I have experienced the same when trail running.
I can pretty consistently reproduce the symptoms on downhill stretches when running distances that are much longer than my regular runs, when starting to hit the trails again after not running for a while, and when running downhill at a faster pace than I would run uphill.
The following is my hypothesis, meaning I don't have any published facts to back this up:
When going uphill we are fighting gravety in a pretty static way. It is not likely that we would go any faster or for longer distances than our muscle-mass permits.
When going downhill on the other hand, we have momentum that our muscles have to slow down. Fightling gravety becomes less static and more dynamic, especially with steeper slopes and higher speeds. We can keep going even when our muscles are fatiguing, and we can go faster than our muscles can effectively slow down, which passes the stress of slowing down on to our skeletal system (mainly our joints.) This can be compounded by heavy heal-striking (less cushioning by our muscles) and a heavy pack (providing a larger mass, which increases the momentum.)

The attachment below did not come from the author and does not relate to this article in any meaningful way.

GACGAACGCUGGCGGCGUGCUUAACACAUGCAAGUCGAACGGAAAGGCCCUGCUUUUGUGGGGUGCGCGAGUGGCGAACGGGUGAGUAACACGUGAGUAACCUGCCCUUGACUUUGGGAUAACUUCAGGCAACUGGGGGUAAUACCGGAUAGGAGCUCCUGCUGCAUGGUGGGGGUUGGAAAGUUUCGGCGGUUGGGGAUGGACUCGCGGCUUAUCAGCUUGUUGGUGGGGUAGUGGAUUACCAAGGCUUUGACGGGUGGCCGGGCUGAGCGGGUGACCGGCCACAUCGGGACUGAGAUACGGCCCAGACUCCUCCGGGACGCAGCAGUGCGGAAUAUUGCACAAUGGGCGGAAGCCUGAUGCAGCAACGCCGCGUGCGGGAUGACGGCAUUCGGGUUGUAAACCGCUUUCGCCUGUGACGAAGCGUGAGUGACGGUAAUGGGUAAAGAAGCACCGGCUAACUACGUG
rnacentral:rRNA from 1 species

My advice would be to take downhill stretches at a much slower pace (on my trail runs I am MUCH slower going downhill than uphill!), avoid steep slopes until you build up the specific muscles you use for descending, don't take as much stuff when moving on steep terrain and transition to a midd-foot-strike when you notice your knee is hurting (a word of caution: practice this! If you are a heavy heel-striker this can be very tiring for your calfs and you can damage your achilles-tendon if you don't strengthen it first.)
I take this kind of pain pretty seriously. To me it is a sign that even though I have the conditioning, I am missing the muscles to do what I am doing when my knees hurt.